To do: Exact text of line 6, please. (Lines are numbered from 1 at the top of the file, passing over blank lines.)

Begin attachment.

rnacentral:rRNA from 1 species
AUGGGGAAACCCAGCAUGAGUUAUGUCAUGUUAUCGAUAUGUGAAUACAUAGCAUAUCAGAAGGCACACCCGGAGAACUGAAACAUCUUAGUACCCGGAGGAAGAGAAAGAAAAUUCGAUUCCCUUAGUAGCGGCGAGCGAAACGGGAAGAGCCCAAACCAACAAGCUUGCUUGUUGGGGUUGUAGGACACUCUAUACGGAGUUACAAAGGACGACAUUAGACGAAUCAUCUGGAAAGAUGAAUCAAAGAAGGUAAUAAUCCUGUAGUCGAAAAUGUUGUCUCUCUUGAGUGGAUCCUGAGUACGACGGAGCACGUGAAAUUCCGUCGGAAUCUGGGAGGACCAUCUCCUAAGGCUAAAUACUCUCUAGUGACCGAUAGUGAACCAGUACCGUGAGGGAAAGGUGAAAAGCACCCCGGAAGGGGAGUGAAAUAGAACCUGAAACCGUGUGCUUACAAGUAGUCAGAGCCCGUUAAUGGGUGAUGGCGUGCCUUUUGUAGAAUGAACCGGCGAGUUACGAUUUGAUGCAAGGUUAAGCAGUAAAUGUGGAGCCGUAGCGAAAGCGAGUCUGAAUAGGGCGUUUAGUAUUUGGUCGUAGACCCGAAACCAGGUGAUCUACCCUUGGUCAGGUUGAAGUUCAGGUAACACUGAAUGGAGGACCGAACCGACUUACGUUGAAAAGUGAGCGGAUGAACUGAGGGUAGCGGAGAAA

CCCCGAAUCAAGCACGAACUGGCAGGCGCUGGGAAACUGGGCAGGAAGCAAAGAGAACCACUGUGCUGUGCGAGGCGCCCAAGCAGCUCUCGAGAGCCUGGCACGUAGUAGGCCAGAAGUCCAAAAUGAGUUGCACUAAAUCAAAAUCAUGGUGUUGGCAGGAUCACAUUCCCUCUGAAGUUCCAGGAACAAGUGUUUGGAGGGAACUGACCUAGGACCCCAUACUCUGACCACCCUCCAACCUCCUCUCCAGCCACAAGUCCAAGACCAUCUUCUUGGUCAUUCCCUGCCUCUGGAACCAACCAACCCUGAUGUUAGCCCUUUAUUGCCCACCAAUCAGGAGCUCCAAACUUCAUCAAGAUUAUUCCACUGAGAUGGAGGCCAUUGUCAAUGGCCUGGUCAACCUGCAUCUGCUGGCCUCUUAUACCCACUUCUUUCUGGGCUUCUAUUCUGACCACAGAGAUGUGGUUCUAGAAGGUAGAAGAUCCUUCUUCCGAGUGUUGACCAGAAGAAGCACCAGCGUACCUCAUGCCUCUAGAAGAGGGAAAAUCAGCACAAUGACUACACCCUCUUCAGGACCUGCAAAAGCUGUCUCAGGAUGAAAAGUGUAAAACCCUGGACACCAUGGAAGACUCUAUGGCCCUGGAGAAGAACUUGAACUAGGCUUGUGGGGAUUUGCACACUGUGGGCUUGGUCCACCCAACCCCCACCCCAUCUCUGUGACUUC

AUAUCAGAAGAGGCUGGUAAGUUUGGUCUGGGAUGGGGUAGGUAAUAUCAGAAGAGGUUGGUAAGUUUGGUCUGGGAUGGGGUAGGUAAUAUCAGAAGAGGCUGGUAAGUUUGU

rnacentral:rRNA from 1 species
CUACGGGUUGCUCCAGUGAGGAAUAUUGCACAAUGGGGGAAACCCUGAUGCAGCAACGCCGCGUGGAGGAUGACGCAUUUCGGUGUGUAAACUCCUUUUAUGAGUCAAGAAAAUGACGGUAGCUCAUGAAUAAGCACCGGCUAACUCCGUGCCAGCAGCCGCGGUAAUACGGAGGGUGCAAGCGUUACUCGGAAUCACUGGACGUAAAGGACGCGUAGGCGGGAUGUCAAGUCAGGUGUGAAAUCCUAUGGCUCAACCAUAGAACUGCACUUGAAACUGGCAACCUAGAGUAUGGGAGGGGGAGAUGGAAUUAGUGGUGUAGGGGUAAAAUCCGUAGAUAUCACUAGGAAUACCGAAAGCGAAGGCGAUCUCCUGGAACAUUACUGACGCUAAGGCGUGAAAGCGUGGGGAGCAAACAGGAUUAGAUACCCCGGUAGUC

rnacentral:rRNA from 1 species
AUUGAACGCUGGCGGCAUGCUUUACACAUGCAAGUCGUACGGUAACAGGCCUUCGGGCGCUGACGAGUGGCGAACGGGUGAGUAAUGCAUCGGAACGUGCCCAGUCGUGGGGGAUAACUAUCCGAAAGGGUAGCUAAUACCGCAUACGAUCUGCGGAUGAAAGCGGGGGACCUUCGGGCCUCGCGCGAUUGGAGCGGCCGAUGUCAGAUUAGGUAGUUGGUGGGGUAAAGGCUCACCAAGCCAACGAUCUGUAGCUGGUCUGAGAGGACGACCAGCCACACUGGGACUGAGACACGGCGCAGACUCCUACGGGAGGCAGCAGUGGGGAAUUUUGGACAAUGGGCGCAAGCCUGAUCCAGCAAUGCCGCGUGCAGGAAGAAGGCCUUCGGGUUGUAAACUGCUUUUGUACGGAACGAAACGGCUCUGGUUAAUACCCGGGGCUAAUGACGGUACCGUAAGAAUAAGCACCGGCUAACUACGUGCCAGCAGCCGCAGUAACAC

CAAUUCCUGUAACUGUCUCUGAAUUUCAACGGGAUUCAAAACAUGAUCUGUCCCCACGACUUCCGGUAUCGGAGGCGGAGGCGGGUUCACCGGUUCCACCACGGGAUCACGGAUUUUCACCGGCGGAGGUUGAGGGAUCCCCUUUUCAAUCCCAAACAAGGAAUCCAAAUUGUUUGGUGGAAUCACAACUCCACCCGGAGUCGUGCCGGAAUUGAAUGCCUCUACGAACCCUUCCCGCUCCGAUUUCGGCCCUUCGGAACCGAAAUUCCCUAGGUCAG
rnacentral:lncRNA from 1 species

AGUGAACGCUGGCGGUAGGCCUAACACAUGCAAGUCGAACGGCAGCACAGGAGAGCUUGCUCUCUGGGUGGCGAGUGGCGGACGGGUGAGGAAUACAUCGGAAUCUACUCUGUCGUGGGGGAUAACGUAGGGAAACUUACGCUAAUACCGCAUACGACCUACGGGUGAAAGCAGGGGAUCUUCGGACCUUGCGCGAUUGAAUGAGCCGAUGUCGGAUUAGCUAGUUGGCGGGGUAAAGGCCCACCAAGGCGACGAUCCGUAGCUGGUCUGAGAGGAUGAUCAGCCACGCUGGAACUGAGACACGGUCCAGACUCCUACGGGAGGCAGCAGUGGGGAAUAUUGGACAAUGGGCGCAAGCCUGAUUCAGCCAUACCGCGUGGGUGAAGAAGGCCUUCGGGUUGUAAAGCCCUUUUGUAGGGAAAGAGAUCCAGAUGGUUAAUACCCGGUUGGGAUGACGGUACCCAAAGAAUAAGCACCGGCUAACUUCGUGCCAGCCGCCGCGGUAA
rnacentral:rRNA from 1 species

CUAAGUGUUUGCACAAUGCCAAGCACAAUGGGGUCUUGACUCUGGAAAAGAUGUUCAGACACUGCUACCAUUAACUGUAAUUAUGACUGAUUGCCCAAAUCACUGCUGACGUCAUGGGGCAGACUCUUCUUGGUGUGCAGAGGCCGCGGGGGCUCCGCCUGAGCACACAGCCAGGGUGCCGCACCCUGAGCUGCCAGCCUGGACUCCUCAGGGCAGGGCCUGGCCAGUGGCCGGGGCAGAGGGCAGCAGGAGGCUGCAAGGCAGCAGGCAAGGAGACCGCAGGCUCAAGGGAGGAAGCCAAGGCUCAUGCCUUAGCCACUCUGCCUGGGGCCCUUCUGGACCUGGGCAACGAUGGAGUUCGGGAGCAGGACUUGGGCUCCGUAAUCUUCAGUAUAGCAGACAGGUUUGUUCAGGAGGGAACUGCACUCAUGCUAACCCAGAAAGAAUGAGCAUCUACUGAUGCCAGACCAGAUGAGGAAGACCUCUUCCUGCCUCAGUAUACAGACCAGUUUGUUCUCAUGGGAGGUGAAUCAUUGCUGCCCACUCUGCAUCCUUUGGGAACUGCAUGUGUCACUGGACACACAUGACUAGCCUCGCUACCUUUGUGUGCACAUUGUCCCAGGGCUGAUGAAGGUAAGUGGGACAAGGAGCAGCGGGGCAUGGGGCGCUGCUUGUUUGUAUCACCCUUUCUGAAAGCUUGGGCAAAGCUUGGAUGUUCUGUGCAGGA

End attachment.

CUACGGGUUGCUCCAGUGAGGAAUAUUGCACAAUGGGGGAAACCCUGAUGCAGCAACGCCGCGUGGAGGAUGACGCAUUUCGGUGUGUAAACUCCUUUUAUGAGUCAAGAAAAUGACGGUAGCUCAUGAAUAAGCACCGGCUAACUCCGUGCCAGCAGCCGCGGUAAUACGGAGGGUGCAAGCGUUACUCGGAAUCACUGGACGUAAAGGACGCGUAGGCGGGAUGUCAAGUCAGGUGUGAAAUCCUAUGGCUCAACCAUAGAACUGCACUUGAAACUGGCAACCUAGAGUAUGGGAGGGGGAGAUGGAAUUAGUGGUGUAGGGGUAAAAUCCGUAGAUAUCACUAGGAAUACCGAAAGCGAAGGCGAUCUCCUGGAACAUUACUGACGCUAAGGCGUGAAAGCGUGGGGAGCAAACAGGAUUAGAUACCCCGGUAGUC